HTTP/2 Based Push Notification In iOS

How To Implement HTTP/2 Based Push Notification In iOS?

December 06, 2022Posted By: ZealousWeb
HTTP/2 ProtocoliOS DevelopmentPush Notifications


Since its advent, iOS has remained a topic of widespread discussion. Developed by Apple Inc., iOS has consistently rivaled Android. A notable advancement in its latest version, iOS 9, is the introduction of HTTP/2-Based Provider API. This API, crucial for implementing Apple push notifications, leverages the HTTP/2 network protocol, enabling app developers to send remote notifications to their apps on iOS, tvOS, and OS X devices and to Apple Watch via iOS. Importantly, Apple announced that it will no longer support the legacy binary protocol after 31st March 2021. If you haven’t yet started using the HTTP/2-based APN provider API for your iOS push notifications, now is the time to transition. This blog aims to review the HTTP/2 API, elucidate how token-based authentication enhances the Apple push notification service, and provide a step-by-step guide to implementing HTTP/2-based push notifications in iOS projects.

Review Of The HTTP/2 API

HTTP/2, a binary protocol that underpins the iOS push notification system, is notably faster than traditional certificate-based communication. It facilitates multiple streams, allows instant feedback for inactive device tokens, and supports larger payloads of up to four kilobytes. Apple’s shift to HTTP/2 also reduces the overhead associated with certificate handling, streamlining the process of sending push notifications in iOS.

Token Authentication

Apple’s introduction of Token Authentication, a new method of authenticating with the Apple Push Notification Server (APNS), has revolutionized how push notifications are managed in iOS. This system, which replaces client certificates with provider tokens, simplifies the process of generating and renewing credentials. Numerous libraries are available in different programming languages to facilitate token generation, making it easier to manage push notification iOS systems.

How Token Authentication Works

Now, before getting into the details of how it works, let’s first recap how certificate authentication will work. You need to provide a client certificate from your developer account.

While connecting to APNS, your server sends this certificate while handshaking, and it validates the certificate and establishes a secure connection between your server and APNS. Any pushes you send on this connection are identified by the client certificate.

How Token Authentication Works

How Token Authentication Works


When using token authentication, you should opt-in to the token signing key from the developer account. Your server will then establish a connection without a client certificate. However, before sending notifications on this connection, your server will construct an authentication token that includes your team ID. Then, sign it using the private key. Now, it is possible to send notifications on this connection. Now, you have a clear idea about its terminology. Let me walk you through the steps to implement it.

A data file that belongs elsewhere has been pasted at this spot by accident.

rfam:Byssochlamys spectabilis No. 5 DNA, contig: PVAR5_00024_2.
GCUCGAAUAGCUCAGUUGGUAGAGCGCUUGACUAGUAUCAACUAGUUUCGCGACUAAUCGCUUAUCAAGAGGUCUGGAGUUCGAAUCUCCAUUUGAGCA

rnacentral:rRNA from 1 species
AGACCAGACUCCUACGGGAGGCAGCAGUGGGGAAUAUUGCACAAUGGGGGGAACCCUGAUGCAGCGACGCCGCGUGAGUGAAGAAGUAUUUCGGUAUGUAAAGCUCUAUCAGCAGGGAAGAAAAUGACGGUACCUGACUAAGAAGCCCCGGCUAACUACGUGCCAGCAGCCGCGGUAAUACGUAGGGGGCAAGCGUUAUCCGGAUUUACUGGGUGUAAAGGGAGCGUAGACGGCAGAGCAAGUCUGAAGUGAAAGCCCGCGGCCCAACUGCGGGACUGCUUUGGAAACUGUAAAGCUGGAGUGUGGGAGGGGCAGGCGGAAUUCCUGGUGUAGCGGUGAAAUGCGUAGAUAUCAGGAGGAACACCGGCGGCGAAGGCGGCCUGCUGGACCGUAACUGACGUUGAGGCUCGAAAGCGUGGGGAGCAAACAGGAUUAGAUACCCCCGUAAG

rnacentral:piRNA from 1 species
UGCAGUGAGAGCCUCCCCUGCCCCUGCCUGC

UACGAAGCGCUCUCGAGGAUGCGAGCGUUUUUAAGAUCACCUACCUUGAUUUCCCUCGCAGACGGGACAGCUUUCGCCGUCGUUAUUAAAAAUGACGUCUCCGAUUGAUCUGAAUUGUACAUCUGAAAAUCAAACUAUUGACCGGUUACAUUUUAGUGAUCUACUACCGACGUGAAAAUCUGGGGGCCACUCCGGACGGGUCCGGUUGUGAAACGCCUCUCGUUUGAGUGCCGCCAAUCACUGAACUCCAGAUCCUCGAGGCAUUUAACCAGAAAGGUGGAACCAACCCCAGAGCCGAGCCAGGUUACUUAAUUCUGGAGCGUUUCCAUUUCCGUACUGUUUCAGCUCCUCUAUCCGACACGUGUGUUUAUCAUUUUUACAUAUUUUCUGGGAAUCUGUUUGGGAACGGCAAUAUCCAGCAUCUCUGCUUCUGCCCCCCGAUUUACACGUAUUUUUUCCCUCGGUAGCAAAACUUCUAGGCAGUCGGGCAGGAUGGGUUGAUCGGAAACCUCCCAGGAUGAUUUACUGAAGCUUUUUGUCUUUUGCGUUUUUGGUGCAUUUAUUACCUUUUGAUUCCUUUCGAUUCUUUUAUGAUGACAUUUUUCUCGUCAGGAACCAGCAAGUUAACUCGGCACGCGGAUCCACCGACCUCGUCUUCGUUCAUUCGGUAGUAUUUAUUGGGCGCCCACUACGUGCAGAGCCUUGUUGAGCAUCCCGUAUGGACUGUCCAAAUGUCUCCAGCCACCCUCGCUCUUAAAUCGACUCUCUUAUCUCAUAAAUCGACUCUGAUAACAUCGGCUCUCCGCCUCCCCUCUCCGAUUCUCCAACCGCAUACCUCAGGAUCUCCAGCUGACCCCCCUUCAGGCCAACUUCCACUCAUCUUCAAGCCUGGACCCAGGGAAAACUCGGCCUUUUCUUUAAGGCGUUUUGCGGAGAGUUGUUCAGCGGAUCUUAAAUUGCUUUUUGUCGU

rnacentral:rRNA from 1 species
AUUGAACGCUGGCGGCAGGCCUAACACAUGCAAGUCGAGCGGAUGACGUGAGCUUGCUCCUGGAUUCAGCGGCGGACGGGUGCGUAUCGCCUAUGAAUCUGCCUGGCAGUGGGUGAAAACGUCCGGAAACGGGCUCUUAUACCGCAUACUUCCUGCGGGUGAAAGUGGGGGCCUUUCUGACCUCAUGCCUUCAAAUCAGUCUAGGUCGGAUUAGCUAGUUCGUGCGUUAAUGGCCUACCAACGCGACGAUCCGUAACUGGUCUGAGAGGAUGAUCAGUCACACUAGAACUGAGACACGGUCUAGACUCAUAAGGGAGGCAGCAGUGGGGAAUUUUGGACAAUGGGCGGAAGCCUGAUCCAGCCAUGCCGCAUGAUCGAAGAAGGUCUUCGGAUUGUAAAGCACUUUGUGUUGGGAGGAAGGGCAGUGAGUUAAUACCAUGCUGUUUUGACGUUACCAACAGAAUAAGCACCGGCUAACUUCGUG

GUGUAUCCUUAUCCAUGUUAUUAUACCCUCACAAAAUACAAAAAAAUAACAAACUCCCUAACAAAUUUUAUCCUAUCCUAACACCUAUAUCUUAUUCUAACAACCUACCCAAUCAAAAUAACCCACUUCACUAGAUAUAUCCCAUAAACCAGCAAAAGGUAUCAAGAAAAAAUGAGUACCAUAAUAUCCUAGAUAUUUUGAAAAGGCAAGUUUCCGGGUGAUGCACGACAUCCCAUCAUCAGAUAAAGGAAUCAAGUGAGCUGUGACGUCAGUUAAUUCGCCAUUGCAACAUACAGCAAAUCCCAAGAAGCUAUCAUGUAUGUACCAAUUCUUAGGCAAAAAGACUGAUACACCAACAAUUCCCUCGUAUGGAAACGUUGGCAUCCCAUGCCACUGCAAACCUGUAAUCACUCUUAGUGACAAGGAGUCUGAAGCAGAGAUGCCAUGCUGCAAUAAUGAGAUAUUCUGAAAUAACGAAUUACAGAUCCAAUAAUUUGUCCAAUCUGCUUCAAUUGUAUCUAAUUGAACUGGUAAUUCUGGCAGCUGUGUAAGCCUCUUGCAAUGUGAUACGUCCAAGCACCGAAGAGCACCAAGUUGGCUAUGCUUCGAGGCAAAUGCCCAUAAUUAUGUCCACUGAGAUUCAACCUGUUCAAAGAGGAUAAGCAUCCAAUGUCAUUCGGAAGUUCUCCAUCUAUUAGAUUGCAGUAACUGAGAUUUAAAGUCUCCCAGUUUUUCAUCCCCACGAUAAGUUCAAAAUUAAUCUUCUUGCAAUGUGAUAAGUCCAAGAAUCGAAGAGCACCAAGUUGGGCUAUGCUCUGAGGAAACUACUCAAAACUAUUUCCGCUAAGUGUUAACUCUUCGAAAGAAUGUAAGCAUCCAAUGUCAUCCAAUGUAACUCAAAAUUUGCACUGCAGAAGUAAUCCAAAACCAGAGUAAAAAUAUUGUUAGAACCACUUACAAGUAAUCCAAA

Effortless Push: HTTP/2-Based Notifications In iOS Projects

To set up HTTP/2-based push notifications in iOS, you need the following:

  • Signing Key(P8 Certificate)
  • Private Key ID
  • Team ID
  • Bundle Identifier
  • Server

Let’s take a look at how to generate a signing Key. Login into your Apple developer account. Go to the certificates, identities, and profile section of the account.

Get Signing Key And Private Key ID

  • Go to the Keys section.
  • Click on create a key.
  • Provide a key name. Enable Apple Push Notification Service. Click continue.
  • Click Register.
  • You will get a Private Key ID. Also, click on download to get the p8 certificate.

Team ID

  • Go to the membership section and get your team ID.

Bundle Identifier

  • Go to the identifier section. Get your bundle ID from the list of IDs.


To effectively use the HTTP/2 protocol for Apple push notifications, ensure your environment is compatible. This includes .Net core 2.2 or higher, Windows Server 2016 or higher, Apache HTTP 2.4.17 or higher, or Nginx 1.9.5 or higher.

Send all these details to your backend team, and it will be used to generate a token. If you need a tool to test the push notifications, then this is a very handy tool that works with tokens and certificates. You can also test notifications on Android as well.

Here is the GitHub link:


We hope this guide on implementing HTTP/2-based push notifications in iOS has been informative. For further assistance or technical details on this subject, don’t hesitate to contact us. Embracing this technology in your iOS projects will streamline your processes, saving time and enhancing your development efforts. If you’re uncertain about the server-side implementation or seek more information, refer to our comprehensive tutorial for iOS app developers. For any further queries, feel free to get in touch; we’re here to assist in every way possible.


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